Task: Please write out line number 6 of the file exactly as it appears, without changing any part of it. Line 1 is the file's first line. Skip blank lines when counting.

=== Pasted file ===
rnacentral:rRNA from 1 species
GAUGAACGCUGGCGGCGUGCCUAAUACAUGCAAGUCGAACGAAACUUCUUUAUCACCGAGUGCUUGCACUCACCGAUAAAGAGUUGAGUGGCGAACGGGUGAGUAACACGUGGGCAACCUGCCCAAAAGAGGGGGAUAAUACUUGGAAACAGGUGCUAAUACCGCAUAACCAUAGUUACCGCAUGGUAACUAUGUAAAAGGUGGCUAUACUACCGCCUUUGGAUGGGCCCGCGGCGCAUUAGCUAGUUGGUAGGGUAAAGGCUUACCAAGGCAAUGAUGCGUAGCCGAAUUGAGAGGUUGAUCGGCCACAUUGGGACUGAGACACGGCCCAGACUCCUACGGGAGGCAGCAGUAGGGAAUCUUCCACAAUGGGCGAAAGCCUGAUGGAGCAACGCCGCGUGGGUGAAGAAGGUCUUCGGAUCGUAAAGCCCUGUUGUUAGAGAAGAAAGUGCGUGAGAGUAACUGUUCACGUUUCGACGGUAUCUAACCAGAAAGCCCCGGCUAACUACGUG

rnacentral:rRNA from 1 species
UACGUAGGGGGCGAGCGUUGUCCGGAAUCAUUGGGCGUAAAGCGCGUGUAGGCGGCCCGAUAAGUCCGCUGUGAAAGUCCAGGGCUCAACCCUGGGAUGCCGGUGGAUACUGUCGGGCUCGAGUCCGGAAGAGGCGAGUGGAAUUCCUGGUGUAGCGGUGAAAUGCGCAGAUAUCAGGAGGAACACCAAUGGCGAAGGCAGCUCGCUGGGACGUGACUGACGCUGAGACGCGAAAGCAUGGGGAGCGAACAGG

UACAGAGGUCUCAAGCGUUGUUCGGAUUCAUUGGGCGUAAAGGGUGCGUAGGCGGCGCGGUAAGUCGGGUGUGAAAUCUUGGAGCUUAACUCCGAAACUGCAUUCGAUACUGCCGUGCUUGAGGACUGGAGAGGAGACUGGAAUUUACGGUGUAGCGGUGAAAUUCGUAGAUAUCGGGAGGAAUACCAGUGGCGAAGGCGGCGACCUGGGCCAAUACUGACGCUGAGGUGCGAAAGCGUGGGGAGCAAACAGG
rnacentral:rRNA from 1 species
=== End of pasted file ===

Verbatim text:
rnacentral:rRNA from 1 species